Rental properties can be a great source of passive income, yet not a lot of people seem educated about it. Well, in this episode, it’s time to learn about rental properties and their profit centers. Join our host, Jeff Rutkowski, as he talks to Gregg Cohen, the Co-Founder of JWB Real Estate Capital, on the subject of passive income and rental properties. Gregg discusses the strategies for taking advantage of profit centers in real estate and how vertically integrated companies can produce great results for investors. A great episode to learn from if you’re looking to get into investing in rental properties.
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Rental Properties And Profit Centers: Educating Yourself On Passive Income With Gregg Cohen
We have an incredible episode lined up for you with our guest, Mr. Gregg Cohen. He is the Cofounder of JWB Real Estate companies, which is a vertically integrated real estate company based out of Jacksonville, Florida. He’s going to be teaching us some stuff that is going to blow your mind. Before we welcome Gregg, let’s get into our Word of the Week segment. We have passive income versus active income. What do they mean? What is the difference? What are we after as real estate investors?
[bctt tweet=”If you want rental properties, you have to be in the game for the long haul to take advantage of its profit centers.” username=”fortunebuilders”]
Active income is simply defined as anything you are doing on a day-to-day basis where you’re trading your time for money. You have to get up, go to work, find the properties or whatever you’re doing to generate money in your life where you physically have to be there or else, you’re not getting paid. That would fall under the active income category. Active income is great to make money. What we want to generate as quickly as possible in our lives and our business is passive income, where instead of us getting up early, punching the clock and putting on our workloads, we’re sending out our money. We’re putting them to work on income-producing assets that are paying us on a monthly basis.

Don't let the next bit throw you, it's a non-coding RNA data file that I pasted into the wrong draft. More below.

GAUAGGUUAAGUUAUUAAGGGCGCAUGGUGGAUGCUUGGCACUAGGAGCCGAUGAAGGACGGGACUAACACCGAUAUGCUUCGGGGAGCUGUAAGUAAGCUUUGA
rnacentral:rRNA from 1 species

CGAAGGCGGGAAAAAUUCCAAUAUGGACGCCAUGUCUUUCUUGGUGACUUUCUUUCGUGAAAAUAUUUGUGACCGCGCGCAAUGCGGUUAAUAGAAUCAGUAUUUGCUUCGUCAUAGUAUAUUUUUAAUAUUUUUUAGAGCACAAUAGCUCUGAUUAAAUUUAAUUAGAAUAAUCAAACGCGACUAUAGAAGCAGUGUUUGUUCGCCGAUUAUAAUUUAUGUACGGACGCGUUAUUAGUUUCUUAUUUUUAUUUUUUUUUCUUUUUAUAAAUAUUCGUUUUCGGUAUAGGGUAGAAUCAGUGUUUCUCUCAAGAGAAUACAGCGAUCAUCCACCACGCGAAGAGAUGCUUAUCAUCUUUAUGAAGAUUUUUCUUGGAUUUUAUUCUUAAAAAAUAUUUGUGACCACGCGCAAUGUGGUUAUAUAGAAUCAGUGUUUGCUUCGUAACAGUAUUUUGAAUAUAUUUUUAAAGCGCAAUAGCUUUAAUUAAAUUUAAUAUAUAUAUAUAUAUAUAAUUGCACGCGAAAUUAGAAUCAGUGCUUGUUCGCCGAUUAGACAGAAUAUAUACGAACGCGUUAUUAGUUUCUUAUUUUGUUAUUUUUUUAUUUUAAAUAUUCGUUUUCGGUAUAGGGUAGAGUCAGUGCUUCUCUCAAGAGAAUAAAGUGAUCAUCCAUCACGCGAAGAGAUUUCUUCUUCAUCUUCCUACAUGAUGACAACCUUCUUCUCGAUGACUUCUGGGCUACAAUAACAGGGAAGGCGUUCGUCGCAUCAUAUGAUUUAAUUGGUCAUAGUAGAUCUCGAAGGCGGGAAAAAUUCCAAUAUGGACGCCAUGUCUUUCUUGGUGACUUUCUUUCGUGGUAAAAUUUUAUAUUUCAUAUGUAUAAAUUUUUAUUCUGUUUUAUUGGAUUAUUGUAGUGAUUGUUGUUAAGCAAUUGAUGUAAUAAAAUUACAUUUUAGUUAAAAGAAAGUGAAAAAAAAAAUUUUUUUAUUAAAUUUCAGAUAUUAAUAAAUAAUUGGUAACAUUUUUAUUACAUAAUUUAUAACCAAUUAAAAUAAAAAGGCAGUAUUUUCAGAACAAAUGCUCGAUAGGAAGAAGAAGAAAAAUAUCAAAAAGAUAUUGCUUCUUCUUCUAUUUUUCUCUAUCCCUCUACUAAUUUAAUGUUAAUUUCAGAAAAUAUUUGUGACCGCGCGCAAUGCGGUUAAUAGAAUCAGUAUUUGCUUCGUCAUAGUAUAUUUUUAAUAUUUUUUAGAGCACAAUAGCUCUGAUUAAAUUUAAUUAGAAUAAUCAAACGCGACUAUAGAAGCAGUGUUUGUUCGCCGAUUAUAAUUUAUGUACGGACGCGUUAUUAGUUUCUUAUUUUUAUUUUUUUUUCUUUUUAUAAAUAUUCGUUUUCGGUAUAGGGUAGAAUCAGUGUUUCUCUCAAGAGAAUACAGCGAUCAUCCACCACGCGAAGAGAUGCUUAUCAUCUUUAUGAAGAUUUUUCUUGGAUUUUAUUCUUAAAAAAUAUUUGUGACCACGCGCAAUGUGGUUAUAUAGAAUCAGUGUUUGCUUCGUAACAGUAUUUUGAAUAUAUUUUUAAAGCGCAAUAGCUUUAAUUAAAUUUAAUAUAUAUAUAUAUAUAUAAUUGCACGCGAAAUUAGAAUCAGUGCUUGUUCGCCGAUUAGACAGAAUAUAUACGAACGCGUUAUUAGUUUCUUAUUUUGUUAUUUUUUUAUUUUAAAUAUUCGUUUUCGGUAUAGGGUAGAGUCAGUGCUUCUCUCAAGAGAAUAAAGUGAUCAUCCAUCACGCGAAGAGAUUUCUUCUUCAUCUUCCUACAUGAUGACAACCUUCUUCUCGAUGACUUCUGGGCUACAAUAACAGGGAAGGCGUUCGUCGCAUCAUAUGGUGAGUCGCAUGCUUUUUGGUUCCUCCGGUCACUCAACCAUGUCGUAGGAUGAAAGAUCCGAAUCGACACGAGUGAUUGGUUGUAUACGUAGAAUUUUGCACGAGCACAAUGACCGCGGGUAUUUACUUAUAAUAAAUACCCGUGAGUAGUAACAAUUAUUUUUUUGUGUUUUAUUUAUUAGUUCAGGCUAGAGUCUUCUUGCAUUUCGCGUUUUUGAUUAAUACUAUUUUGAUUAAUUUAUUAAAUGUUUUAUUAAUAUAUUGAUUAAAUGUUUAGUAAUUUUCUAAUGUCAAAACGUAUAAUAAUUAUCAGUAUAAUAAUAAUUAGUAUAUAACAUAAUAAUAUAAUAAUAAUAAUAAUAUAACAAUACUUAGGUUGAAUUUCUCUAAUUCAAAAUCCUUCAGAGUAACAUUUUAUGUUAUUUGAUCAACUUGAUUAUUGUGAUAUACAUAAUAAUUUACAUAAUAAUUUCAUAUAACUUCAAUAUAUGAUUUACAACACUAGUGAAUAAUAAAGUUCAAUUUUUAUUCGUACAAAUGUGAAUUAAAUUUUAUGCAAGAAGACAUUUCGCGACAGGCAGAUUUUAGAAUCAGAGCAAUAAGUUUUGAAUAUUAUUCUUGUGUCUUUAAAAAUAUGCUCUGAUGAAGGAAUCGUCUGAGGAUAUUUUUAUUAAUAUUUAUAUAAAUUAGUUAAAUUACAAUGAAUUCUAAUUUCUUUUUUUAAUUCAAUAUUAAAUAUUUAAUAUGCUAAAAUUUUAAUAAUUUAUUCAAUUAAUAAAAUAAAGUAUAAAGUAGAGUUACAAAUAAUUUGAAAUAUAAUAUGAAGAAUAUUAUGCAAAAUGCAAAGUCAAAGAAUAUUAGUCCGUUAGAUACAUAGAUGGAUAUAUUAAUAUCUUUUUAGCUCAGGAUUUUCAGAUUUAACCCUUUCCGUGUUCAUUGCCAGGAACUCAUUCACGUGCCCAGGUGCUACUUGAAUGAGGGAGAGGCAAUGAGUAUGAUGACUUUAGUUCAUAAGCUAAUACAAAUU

Think about it like Monopoly. It’s great to roll the dice and work your way around the board and spend your time moving around the board. Isn’t it nice when somebody lands on one of those little green properties? Wherever you are and whatever you’re doing, they’re paying you some rent. It is mailbox money. We used to call it mailbox money. Now it just appears in your bank account through direct deposit. What a great feeling. That never gets old. We want to keep building and growing that through the course of our lives. Our guest, Mr. Gregg Cohen, has done this. He’s probably one of the highest levels of individuals in this country. He’s going to break down how to generate passive income to get that flowing in your business. We’re going to use one property as an example and talk about five profit centers that come along with any income-producing assets that we own. Let’s welcome to the show, Mr. Gregg Cohen.
Mr. Gregg Cohen, welcome to the show.
Thank you so much, Jeff. What a pleasure to be here with you, brother.
It’s an honor. Gregg is coming to us straight out of Jacksonville, Florida. Some good things happened in Jacksonville, Gregg, not just in the real estate markets. For the first time in years, the Jacksonville Jaguars are in the news. Number one draft pick, Tim Tebow is coming on board. Any buzz around there about that?
It’s like a marketing blitz. If you could sprinkle a little bit of Tim Tebow on anything to the marketing and sales, the ticket sales would jump up. The foundation of Urban Meyer and Trevor Lawrence number one draft pick, we have some good friends that are high up in the Jags organization and they feel like they have suffered a long time to sell out the stadium. It’s not a problem now. They’re living the dream.